Pale (pronounced “pah-lee”) is Chamorro for priest (derived from padre, the Spanish word for father) and Pale Diego Luis de San Vitores, a Spanish Jesuit, was the first Catholic priest on Guam. He arrived in 1668 and immediately began converting the local natives. In 1672 he baptized the daughter of a local chieftain with her mother’s permission but not her father’s who became furious when he heard the news the next day and murdered the priest. Both the baptism and the priest’s death occurred near where the Guam Reef Hotel stands today on the road that parallels Tumon Beach and is often referred to as Hotel Row. Its official name, though, is Pale San Vitores Road and we walked up and down the street several times during our two-week stay in Guam last month.
The two northernmost hotels on Tumon Bay are the Japanese-owned Nikko and the Korean-owned Lotte. Both hotels are on Gun Beach Road. The Westin (where we stayed) sits at the intersection of Gun Beach Road and San Vitores which starts at Marine Drive (according to all of the maps and the local TV traffic news the correct name is Marine Corps Drive but all the locals just call it Marine Drive, its original name) and then goes down the hill to meet Gun Beach and then makes a sharp turn to the left and proceeds along Tumon Bay until it reaches the Hilton at the south end of the bay and opposite the Nikko at the north end. We drove the length of San Vitores several times but only walked the two-block stretch between the Westin and the Outrigger hotels.
The entrance to the Westin from San Vitores is on the hotel’s sixth floor. You then have to either walk down the stairs to the fifth floor lobby or drive down the ramp to the parking garage’s top floor which is adjacent to the lobby. The hotel ‘s pool is off the first floor and then it’s just a few steps to the beach. The entrance to the Outrigger down the street, though, is at beach level and you must take an elevator or escalator up one floor to both the lobby and the pool.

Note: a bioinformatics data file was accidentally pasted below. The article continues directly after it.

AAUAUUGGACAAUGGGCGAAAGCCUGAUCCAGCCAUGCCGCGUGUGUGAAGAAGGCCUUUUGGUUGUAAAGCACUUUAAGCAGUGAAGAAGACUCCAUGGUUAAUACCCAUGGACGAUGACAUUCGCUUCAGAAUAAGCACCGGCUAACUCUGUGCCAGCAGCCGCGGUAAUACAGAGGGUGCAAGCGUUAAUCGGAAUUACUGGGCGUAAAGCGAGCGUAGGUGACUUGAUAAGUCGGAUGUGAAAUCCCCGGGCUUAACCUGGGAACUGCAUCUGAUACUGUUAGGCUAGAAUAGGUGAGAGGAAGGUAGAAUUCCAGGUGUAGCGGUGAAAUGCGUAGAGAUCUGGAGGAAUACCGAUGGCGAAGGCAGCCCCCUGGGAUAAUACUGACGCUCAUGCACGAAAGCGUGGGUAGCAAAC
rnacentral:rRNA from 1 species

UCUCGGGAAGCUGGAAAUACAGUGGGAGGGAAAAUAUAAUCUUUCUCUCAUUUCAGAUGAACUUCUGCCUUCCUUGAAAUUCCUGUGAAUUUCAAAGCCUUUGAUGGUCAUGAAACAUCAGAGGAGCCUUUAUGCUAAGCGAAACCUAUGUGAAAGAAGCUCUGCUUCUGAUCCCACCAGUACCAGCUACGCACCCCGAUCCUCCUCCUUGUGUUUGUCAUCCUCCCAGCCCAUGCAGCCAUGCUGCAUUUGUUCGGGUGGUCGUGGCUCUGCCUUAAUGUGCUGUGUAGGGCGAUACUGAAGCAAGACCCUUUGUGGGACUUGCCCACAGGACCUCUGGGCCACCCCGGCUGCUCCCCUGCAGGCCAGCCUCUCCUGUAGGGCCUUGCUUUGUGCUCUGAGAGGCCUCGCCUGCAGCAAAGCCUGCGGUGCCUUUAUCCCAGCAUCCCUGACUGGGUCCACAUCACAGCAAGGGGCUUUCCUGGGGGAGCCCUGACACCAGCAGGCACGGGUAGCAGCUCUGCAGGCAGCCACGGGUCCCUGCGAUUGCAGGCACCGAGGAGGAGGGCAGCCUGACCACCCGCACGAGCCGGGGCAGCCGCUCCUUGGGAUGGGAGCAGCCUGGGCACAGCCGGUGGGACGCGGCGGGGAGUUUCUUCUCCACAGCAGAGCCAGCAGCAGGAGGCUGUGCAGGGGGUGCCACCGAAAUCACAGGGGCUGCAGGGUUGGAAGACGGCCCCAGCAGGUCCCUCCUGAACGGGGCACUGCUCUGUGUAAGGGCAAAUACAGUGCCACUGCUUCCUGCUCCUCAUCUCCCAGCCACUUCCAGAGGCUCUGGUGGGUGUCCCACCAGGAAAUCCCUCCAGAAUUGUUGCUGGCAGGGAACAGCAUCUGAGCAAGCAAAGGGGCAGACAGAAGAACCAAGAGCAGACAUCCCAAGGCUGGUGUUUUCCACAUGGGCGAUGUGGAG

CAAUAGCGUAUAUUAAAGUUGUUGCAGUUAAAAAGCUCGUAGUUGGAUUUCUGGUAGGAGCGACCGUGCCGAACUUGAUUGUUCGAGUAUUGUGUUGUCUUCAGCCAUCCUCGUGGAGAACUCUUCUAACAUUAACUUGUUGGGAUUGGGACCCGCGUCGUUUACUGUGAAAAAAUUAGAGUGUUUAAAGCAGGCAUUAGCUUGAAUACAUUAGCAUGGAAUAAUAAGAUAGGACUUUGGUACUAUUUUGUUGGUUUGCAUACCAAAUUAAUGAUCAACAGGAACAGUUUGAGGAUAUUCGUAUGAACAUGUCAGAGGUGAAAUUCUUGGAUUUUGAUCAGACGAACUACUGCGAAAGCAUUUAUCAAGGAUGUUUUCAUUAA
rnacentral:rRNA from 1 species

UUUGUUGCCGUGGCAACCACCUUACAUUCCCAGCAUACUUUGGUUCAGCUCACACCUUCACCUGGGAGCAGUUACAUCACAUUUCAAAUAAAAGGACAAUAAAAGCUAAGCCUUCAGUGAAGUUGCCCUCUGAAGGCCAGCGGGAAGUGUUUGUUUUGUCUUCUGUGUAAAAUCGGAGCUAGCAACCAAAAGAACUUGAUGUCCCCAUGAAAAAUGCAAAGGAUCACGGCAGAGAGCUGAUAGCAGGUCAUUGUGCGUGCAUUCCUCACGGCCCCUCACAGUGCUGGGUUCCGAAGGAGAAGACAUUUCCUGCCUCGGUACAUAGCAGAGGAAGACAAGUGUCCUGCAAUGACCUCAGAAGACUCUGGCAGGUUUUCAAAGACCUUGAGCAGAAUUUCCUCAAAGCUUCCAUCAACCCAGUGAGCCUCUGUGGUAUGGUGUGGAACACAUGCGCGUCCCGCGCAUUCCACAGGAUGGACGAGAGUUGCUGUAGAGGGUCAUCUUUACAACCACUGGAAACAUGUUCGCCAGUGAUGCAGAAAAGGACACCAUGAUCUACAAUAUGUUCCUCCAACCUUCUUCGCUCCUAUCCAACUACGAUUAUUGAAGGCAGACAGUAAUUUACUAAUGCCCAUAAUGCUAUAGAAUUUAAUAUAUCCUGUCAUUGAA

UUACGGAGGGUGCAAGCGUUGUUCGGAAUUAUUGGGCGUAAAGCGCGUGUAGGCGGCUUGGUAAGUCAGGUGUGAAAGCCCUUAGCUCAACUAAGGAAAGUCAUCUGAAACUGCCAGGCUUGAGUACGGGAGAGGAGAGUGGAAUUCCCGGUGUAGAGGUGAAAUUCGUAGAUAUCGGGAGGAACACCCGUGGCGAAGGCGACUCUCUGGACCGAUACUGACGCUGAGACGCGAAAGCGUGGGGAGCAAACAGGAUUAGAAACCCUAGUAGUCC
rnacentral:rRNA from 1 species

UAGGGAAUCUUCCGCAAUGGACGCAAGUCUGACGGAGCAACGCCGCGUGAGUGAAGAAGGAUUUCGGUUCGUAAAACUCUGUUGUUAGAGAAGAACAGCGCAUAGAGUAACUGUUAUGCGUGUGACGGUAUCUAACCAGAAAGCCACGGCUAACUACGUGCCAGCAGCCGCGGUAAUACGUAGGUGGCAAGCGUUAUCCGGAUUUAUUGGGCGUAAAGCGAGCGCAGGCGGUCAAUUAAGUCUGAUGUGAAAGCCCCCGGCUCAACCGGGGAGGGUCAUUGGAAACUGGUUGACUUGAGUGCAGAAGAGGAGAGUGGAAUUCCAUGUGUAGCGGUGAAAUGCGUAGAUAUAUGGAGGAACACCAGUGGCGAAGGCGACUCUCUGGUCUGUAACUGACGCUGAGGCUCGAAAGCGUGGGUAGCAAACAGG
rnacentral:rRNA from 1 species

There are 40 hotels on Guam. Half of them are in Tumon along San Vitores. Tumon Bay is the Miami Beach of Guam and Pale San Vitores Road is its Vegas Strip. You can see the glitz of Guam on San Vitores but also the seediness. There are some similarities to my hometown of San Francisco where you can wander a block from the prestigious hotels and shops on Union Square and find yourself in another world called the Tenderloin.
Tourism accounts for more than half of Guam’s economy and the heart of tourism on Guam is this north and central portion of San Vitores Road. Someone (probably some member of the Guam Visitors Bureau) has given this area the name of Pleasure Island. It’s a little glitzy. A little tacky. A little seedy. There are some concerns. There are some controversies. Japanese tourism is down a tad. But Korean tourism is up. Some people say the massage parlors and strip joints must go. Others point out the considerable revenue obtained from these places. And some people are pushing for gambling casinos to bring in more revenue.
We’ll see how things go.
Breaking News Update: The islands of Micronesia are in an area of the Pacific called Typhoon Alley. Tropical Storm Bavi damaged portions of Saipan and Tinian earlier this year. Typhoon Maysak wreaked havoc on Yap a few days before we landed on Guam last month. As I finish uploading this posting I hear that Typhoon Dolphin is bearing down on Guam. Good Luck to all the friendly people of Guam — I think that includes just about everyone who lives on the island!